Office Renovation Costs
Construction is a broad industry with many factors, but what specifically contribute to office renovation costs? Normally there are the typical costs of ownership and costs to rent buildings. But when its time for office space renovation, that can be driven by the landlord or the tenant. On the one hand, it’s necessary to keep buildings in good shape and keep up with the times. And a landlord may want to go the extra mile to attract new tenants. But tenants may want more – they often want reimaging.
Reimaging, or rebranding, applies to tenants who want to apply or update their brand on their building of occupation. This doesn’t just apply to retail – it applies to offices for whom branding is important. Signage of course is an obvious need. But the overall look and feel, colors and image can heavily impact even a company’s office. There are many chain accounting and brokerage firms for example who retain the same branded imaging for their office locations across the country. And when they want to update the brand, their office renovation undergoes reimaging. When tenants are planning to move into a new office space, they often negotiate with the landlord for a share of renovation costs. The landlord in this scenario is incentivized to obtain the new tenant, and the tenant gets new renovation. But what are typical office renovation costs?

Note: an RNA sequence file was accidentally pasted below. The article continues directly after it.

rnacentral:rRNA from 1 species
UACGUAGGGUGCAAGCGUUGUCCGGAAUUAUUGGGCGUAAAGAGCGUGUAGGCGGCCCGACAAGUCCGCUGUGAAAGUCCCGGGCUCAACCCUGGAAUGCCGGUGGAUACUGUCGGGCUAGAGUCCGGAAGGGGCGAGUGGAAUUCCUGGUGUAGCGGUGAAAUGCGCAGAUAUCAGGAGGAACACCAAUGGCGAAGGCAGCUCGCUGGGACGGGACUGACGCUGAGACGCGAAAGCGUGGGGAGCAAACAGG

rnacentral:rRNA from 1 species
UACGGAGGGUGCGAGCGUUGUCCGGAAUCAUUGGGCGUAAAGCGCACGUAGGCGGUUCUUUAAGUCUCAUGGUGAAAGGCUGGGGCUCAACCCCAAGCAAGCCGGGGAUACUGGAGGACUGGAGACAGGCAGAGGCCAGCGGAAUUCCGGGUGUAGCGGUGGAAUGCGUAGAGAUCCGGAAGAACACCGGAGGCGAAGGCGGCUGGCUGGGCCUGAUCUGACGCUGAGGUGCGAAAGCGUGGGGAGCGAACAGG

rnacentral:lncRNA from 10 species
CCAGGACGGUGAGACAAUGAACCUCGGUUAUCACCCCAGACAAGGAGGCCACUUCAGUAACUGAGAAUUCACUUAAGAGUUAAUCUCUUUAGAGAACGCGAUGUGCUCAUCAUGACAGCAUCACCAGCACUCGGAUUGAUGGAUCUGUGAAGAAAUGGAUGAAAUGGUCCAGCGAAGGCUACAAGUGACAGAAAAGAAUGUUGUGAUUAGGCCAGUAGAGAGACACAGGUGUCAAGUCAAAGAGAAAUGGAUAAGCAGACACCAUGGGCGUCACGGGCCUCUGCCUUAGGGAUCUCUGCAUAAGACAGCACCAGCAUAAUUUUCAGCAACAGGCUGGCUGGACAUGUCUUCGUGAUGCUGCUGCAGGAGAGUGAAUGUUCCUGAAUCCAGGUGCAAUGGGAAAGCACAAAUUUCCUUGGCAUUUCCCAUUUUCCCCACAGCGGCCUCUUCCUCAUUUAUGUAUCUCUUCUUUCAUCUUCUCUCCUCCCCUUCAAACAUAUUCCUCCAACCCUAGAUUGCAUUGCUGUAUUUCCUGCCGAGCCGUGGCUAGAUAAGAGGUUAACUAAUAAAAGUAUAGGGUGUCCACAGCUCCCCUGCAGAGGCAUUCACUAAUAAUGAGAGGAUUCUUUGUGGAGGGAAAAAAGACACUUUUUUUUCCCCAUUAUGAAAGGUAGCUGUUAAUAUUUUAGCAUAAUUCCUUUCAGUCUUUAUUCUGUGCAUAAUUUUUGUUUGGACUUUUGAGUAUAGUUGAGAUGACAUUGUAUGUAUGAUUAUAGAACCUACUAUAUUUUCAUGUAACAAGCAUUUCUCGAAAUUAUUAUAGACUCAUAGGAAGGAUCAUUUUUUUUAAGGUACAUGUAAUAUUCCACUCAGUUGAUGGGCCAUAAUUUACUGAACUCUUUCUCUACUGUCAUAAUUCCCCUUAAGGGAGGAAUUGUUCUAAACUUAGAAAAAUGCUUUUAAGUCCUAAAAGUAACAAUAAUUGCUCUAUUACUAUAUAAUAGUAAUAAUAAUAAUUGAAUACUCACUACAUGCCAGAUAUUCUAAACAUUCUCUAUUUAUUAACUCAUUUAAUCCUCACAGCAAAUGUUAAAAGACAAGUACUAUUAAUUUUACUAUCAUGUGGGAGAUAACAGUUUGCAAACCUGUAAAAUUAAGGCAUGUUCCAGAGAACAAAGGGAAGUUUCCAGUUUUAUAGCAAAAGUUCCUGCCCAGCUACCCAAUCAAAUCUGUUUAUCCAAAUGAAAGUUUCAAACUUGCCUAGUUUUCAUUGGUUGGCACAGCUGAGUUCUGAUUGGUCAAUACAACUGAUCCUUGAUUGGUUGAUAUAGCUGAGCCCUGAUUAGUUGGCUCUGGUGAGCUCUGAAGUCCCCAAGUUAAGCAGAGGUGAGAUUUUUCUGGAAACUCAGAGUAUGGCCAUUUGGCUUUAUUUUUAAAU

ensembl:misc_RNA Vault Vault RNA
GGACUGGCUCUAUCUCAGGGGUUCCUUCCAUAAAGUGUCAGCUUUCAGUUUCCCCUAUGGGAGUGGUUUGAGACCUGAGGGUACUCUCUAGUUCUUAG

Location, type of building and materials all contribute to costs. The costs themselves are typically measured in cost per square foot. It’s vital to plan in advance, with all necessary parties, the projected costs. And the construction project manager’s role is to keep track of costs throughout the office renovation project.
Building location is a vital factor to the project cost. For example renovation projects in San Francisco or New York can cost more than other towns or rural areas. However it’s not just large population areas that impact these location costs – weather is a big cost factor as well. Areas with heavy snow, earthquakes or tornados require additional construction techniques and materials. Local building codes and building permits also vary by location and impact renovation costs.
Labor is another item effecting renovation construction costs. In America, more and more people are neglecting traditional trades in favor of college degrees and associated jobs. This increases the demand (and cost) of labor.
Modular and sustainable items also can decrease or increase renovation costs. Typically the more sustainable, environmentally focused construction approaches can elevate costs. However pre-fabricated modular building pieces are often cheaper, quicker and easier to build with, but have less disruption of the building environment.
Insurance is another renovation cost. For example, wood construction is an older material and is often today replaced by concrete or steel today because of lower costs of insurance. Architecture styles also impact insurance costs. Roofing design styles are an example of these elements. Architectural design in general, and repeating elements, also impact overall construction costs – obviously, the more complex and singular the design, the more the construction cost.
Office renovation costs today are made of many attributes such as materials, location, codes and regulations, labor, weather, architectural styles, modular and sustainability elements. A good construction firm knows how to factor all of these into a great final office renovation with no surprises in quality or cost.
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